One Hard Working Utility Van Retires

by Aaron Wilson

David Hall’s 1966 Ford Econoline Supervan has been many things: a paint van, a dollhouse, a way to get to the beach for vacation, a motorcycle hauler. It has been in the Hall family since it was new, but it didn’t become David’s as soon as he would have liked.
When Hall’s Uncle Ray, the original owner of the van, died in 1972, David went to his uncle’s widow, Aunt Laura, and told her he wanted to buy it. “Tom,” Aunt Laura said, calling Hall by his brother’s name, “if I decide to sell it, I sure would like to keep it in the family.”
A little while later, Hall returned from a visit to Myrtle Beach and discovered that Aunt Laura had sold the van to his brother, Tom. Still, his interest in the vehicle didn’t wane. He waited. He watched as his brother hauled motorcycles in the back of the van, year after year, to the races in Daytona.
By 1979, Tom had parked the van, and his daughters were using it as a dollhouse. At that time, David remodeled his brother’s bathroom. When Tom asked David what he owed him, David responded: “The van.” Tom agreed and turned the van over to David. “My nieces didn’t like me much right then,” David recalls.
For most of the 1980s, it was David Hall’s regular work vehicle, taking him to tile-setting jobs around the New River Valley. He and his wife, Jerdy, even took it down to Myrtle Beach on vacation, carrying their kids in the back.
In the 1960s, Ford introduced three compact Econoline vehicles to compete with imported smaller cars: a pickup, a passenger van (or “station bus,” also known as the Club Wagon) and a utility van.
It was his own Uncle Ray, a painting contractor, who bought this utility van new for his work vehicle. The van has a cab over design with the two front seats atop the front axle. “You’re sitting right on top of the wheels,” Hall points out. The engine is positioned between and slightly behind the two front seats. It has an insulated cover to muffle engine and road noise.
In its day, the van was popular among deliverymen and contractors who appreciated the open rear space and flat floor from front to back, perfect for storing packages, tools and equipment. Hall’s van is the Supervan version with an 18-inch rear extension. That extra space allowed Hall’s uncle to store his ladders inside the van.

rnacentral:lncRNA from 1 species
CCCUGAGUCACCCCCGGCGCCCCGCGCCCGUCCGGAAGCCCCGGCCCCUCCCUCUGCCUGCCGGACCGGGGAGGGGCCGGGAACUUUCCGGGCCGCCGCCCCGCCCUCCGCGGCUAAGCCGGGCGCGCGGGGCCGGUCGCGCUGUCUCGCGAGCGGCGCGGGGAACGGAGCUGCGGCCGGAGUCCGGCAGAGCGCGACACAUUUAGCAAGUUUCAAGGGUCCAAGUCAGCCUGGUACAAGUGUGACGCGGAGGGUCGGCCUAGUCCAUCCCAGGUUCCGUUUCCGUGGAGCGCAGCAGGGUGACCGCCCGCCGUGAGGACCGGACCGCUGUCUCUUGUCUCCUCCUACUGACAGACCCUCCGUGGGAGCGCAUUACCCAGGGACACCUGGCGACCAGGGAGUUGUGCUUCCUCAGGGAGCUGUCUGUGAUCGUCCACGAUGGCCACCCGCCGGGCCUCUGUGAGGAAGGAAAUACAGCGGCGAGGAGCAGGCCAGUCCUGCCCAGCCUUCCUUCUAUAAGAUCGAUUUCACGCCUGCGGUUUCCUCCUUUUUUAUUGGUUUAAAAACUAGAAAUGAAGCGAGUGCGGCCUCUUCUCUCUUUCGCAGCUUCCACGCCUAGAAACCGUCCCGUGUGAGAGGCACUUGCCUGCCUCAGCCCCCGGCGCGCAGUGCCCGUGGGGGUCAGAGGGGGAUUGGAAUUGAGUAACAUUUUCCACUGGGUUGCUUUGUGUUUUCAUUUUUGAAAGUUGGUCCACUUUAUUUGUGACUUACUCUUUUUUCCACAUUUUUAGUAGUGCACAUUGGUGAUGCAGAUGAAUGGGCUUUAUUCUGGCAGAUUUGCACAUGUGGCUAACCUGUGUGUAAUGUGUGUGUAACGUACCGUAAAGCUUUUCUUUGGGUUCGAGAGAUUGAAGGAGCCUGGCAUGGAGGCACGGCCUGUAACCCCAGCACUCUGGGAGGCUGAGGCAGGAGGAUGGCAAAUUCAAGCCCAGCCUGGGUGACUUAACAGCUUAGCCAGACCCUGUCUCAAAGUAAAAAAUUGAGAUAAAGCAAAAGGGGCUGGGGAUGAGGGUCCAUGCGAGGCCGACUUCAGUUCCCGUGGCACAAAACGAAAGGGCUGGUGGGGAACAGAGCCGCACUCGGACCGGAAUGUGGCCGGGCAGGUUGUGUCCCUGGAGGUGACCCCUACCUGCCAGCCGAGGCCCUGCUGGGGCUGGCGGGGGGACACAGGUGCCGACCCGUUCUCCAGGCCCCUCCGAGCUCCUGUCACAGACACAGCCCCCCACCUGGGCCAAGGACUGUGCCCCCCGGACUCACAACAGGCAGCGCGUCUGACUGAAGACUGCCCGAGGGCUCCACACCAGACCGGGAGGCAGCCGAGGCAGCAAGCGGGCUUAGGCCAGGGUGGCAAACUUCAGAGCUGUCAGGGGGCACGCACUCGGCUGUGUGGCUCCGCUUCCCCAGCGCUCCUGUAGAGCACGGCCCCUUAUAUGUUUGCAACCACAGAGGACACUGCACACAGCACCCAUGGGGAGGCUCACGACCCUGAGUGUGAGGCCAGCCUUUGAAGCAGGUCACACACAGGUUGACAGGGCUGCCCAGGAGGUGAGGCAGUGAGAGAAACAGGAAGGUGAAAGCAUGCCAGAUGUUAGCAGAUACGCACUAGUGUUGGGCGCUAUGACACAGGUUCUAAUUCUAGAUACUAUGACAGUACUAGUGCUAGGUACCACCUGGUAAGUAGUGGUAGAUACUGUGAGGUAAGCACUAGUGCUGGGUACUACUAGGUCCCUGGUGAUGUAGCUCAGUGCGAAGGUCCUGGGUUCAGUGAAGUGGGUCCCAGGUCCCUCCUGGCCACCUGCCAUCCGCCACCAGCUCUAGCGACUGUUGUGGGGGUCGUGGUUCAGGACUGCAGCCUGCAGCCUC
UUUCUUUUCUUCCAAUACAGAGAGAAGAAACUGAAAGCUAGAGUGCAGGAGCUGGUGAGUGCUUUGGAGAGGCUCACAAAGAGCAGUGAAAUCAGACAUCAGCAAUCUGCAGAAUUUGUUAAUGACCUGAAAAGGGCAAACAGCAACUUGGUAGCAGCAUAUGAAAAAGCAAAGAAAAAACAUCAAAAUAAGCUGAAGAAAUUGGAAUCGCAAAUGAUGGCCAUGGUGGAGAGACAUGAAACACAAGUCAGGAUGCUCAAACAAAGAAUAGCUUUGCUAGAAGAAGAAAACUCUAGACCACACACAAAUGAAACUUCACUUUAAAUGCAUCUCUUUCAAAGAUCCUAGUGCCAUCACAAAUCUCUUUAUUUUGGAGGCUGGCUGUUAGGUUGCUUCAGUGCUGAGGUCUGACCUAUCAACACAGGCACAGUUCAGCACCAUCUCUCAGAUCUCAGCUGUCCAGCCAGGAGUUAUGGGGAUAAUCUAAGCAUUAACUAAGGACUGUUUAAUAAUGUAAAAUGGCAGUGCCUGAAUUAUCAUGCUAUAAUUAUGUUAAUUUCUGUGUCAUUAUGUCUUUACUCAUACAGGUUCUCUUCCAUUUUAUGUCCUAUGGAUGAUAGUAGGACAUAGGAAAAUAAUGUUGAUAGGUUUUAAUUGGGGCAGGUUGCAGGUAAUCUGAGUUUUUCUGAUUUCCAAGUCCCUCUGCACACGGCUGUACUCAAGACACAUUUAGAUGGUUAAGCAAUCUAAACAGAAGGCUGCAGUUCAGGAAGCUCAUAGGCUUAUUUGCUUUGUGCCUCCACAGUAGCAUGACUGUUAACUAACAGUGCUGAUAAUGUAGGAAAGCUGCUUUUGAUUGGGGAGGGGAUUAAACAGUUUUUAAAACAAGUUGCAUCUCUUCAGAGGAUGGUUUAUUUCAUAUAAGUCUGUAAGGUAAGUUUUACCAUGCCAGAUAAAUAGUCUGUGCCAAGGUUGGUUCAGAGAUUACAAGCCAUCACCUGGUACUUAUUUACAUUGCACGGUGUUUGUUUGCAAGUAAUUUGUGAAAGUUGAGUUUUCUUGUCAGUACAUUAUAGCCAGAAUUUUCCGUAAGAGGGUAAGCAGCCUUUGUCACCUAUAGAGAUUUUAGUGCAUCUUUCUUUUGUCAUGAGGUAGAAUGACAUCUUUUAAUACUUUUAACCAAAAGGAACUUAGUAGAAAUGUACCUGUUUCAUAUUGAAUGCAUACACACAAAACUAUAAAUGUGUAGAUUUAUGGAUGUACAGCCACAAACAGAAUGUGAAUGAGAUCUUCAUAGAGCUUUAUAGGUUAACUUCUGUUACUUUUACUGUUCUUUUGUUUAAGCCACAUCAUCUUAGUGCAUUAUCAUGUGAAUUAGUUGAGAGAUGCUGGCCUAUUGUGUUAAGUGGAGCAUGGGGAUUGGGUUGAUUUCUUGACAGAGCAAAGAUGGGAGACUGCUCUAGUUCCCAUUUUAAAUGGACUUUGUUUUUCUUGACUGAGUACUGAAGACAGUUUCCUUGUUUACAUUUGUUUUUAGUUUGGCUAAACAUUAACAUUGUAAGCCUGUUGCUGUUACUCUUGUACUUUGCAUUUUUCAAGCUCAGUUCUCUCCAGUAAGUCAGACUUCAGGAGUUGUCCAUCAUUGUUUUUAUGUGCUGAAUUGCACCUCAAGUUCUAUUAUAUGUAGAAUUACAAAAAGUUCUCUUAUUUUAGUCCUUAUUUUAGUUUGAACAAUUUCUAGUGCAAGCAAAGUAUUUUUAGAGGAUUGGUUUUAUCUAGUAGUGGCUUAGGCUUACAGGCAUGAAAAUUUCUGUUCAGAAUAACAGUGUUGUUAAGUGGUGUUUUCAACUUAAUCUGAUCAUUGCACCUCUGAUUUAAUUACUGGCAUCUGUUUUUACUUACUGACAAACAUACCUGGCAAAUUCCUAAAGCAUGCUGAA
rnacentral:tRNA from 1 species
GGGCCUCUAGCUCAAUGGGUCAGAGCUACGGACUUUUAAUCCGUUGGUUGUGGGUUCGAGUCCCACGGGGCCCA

Because the vehicle is front heavy, when you ride without a load in the back you run the risk of easily losing rear-wheel traction under the right – or wrong – conditions. The van’s design is a straightforward box with a few choice alterations: a front with a blunt nose and a broad windshield, and a back end with a slight forward slant.
“It’s an eye catcher,” Hall believes. The van has 161,000 miles on it. The engine is Ford’s famous workhorse 300 inline 6-cylinder out of a Ford pickup. With the forward cab close to the windshield, the driver and passenger command a clear view of the road ahead. But riding so far forward is not something many people are used to.
“When I first got it,” Hall relates, “I took my dad out to lunch at Tom’s Drive In. When we pulled up to the car in front of us – well, I guess it was just too close for him. He never rode in it again.” Hall’s father was T. Adair Hall, a building contractor in Pulaski. Hall worked with his dad for 17 years before going out on his own as a tile contractor. He worked as a subcontractor for many NRV builders, specializing in, among other things, handicap bathrooms. Hall’s grandfather, J. Foy Hall, was also a building contractor in Pulaski, making Hall a third-generation builder.
In 1988, Hall got a new van and stopped driving the 1966 Supervan every day. In 2002, he restored it, complete with a new paint job. Since then, he has just run it every now and then, being sure to keep it in good condition. He recently replaced the fuel pump.
Hall retired in 2015 when the onset of Parkinson’s prevented him from continuing his trade and craft. “I miss working,” says this man used to working 12 hours a day, six days a week. Today the van is a monument to Hall’s career, but more than just that – it’s also a testament to the life he spent in Pulaski’s Robinson Tract area.


Text by Karl H. Kazaks
Photos by Tom Wallace

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